Soo Kim, a policy analyst at the Santa Monica-based RAND Corporation, said the Biden administration had limited bandwidth to deal with Pyongyang given numerous other domestic and foreign policy challenges.
“In some ways, I think we have already accepted the ‘status quo’ on North Korea,” Soo Kim said. “Much of our handling of North Korea seems to be dictated by the Kim regime. In short, the ball generally remains in Kim’s court, and the US and South Korea appear to be darting back and forth on the court to avoid getting hit by the ball.”
Seoul’s outreach efforts to the North have also made little headway since South Korean President Moon Jae-in’s pro-rapprochement agenda culminated in three face-to-face summits with Kim in 2018.
Ryo Hinata-Yamaguchi, a University of Tokyo academic and the author of the book, Defence Planning and Readiness of North Korea, said it would be difficult to coax Pyongyang back to talks after the collapse of previous outreach efforts.
“It has been clear from the beginning that North Korea is not going to slow its weapons programme let alone disarm,” Hinata-Yamaguchi said.
“The problem is that North Korea has set the dialogue and promises made with the US and South Korea in 2018 as the new baseline, meaning that anything below it is unacceptable. Thus it’s hard to find any possible avenues for sustainable dialogue, let alone North Korea’s disarmament.”
The latest missile launches came as China’s Wang was visiting Seoul for talks with Moon and South Korean Foreign Minister Chung Eui-yong, and coincided with the South Korean military’s test of a new indigenous submarine-launched ballistic missile.
The missiles travelled about 800km before landing in the sea, according to South Korea’s Joint Chiefs of Staff.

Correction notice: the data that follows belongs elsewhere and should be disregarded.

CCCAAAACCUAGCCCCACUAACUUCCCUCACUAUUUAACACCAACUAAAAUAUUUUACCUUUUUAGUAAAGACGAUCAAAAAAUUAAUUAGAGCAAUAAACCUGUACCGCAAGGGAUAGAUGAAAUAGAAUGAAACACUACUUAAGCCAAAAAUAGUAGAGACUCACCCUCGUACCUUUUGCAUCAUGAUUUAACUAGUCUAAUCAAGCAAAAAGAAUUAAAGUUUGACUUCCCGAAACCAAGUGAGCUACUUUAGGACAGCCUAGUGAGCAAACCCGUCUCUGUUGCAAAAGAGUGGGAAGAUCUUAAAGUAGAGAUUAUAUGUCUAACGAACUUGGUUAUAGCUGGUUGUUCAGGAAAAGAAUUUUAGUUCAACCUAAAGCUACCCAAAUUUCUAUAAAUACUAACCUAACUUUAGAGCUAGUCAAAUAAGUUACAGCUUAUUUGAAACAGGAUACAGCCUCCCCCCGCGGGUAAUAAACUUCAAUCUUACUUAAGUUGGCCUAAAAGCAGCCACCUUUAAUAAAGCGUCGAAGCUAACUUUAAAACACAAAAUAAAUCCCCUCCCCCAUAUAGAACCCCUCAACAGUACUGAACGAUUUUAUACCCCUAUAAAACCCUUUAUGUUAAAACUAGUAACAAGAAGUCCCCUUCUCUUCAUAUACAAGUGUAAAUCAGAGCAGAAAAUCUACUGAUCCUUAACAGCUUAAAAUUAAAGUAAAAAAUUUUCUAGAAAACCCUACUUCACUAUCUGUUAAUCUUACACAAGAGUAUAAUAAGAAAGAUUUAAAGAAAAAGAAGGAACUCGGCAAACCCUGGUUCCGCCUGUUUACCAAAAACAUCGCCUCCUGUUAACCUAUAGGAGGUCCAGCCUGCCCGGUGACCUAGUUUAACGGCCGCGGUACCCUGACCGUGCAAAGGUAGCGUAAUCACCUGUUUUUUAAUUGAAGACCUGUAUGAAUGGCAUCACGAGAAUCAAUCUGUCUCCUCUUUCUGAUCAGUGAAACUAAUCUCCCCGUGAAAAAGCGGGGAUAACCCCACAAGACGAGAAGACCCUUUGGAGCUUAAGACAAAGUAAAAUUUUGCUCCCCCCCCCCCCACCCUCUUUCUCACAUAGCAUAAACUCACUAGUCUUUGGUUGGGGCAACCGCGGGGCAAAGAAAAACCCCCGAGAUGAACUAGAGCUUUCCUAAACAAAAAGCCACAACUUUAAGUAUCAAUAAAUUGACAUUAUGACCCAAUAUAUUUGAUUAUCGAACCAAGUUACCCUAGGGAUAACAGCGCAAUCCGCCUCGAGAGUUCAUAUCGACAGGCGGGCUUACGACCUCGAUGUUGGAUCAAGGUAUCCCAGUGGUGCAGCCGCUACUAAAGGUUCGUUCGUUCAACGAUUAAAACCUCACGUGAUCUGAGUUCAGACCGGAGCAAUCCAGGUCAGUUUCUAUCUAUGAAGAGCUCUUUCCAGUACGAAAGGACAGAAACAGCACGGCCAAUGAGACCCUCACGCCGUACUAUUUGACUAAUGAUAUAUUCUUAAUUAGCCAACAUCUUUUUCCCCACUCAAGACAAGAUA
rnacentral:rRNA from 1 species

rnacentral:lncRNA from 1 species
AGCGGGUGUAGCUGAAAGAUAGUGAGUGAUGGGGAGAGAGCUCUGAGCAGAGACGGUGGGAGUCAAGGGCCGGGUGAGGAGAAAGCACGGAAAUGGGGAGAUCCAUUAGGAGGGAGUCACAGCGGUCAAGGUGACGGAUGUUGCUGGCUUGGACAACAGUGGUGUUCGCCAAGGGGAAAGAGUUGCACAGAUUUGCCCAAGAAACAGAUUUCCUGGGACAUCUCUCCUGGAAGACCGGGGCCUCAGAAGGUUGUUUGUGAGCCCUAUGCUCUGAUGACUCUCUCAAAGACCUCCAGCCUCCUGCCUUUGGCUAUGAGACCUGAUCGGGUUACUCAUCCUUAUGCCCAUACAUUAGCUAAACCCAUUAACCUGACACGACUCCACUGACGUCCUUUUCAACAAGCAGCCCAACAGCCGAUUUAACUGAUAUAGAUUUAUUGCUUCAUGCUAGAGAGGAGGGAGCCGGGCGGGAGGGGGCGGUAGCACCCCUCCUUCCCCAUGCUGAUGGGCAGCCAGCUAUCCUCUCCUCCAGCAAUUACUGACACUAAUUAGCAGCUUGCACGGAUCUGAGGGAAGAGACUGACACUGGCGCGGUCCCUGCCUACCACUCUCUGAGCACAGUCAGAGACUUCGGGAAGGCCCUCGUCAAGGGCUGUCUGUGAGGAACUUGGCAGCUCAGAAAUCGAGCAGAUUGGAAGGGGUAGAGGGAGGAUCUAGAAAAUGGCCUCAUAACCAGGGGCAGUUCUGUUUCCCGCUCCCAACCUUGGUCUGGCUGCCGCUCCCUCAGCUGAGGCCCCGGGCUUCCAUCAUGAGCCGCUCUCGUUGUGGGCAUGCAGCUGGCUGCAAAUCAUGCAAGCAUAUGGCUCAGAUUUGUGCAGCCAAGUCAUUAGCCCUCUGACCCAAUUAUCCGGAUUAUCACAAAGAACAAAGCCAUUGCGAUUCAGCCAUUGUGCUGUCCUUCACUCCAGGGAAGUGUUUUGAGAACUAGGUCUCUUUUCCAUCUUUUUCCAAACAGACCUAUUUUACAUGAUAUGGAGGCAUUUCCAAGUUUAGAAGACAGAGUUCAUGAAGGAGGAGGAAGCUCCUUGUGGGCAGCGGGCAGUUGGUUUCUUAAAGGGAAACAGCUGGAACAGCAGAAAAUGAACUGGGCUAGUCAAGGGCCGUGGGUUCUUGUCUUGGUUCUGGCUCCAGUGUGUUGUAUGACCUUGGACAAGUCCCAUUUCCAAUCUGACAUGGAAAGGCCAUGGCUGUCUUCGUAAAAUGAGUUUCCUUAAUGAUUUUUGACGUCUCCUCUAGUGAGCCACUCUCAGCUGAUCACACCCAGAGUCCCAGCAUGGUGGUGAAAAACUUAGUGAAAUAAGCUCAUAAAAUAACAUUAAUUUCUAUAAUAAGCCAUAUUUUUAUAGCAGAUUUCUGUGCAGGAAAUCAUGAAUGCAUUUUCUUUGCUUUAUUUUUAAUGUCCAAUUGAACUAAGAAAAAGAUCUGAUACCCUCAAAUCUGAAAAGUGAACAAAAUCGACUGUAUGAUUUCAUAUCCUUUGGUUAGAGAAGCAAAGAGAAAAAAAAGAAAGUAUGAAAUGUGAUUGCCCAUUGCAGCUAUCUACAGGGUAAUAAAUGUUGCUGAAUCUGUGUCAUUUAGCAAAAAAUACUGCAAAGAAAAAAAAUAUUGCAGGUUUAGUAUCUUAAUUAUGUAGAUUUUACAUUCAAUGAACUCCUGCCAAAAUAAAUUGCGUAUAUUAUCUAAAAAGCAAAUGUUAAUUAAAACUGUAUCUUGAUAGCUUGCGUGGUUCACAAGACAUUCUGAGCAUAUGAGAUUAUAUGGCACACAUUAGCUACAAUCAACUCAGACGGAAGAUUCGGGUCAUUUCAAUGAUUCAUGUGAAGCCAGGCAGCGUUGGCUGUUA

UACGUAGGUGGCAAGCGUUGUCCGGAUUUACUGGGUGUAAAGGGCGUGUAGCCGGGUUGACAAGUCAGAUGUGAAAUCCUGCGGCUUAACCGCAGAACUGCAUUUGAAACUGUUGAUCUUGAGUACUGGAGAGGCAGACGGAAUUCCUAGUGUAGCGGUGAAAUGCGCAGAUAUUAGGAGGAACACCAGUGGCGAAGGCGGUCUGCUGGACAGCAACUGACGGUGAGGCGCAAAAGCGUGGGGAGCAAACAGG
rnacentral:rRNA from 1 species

The launches also came a day after nuclear envoys from the US, South Korea and Japan called on Pyongyang to return to dialogue after meeting in Tokyo to discuss the fallout of separate missile launches over the weekend.
On Monday, North Korean state media reported authorities had successfully tested a new kind of long-range cruise missile that analysts believe could potentially be capable of carrying a nuclear warhead.
Leif-Eric Easley, a professor at Ewha Womans University in Seoul who specialises in security and international relations, said that in spite of the limited room for international cooperation, the US and its allies South Korea and Japan could still work together to exert greater pressure on Pyongyang.
“South Korea can bury the hatchet with Japan and increase intelligence-sharing and missile defence cooperation,” Easley said.
“The Biden administration can restore military exercises with allies in Asia that had been scaled back during the pandemic. Even if China and Russia block action at the UN Security Council, the US and like-minded countries can improve sanctions enforcement and designate new violators, including Chinese firms,” he said.
Hinata-Yamaguchi, the University of Tokyo academic, said Pyongyang’s behaviour called for greater cooperation between regional partners.
“The prescriptions are clear – the US, Japan, South Korea and other like-minded states need to formulate and execute a coordinated set of strong strategies and sharper readiness to deter and defend against the North Korean threat,” he said.
“The problem is that the momentum for trilateral coordination has been slow, particularly as South Korea is reluctant to go too hardline against the North, and the bilateral relations between Seoul and Tokyo are at a low point.”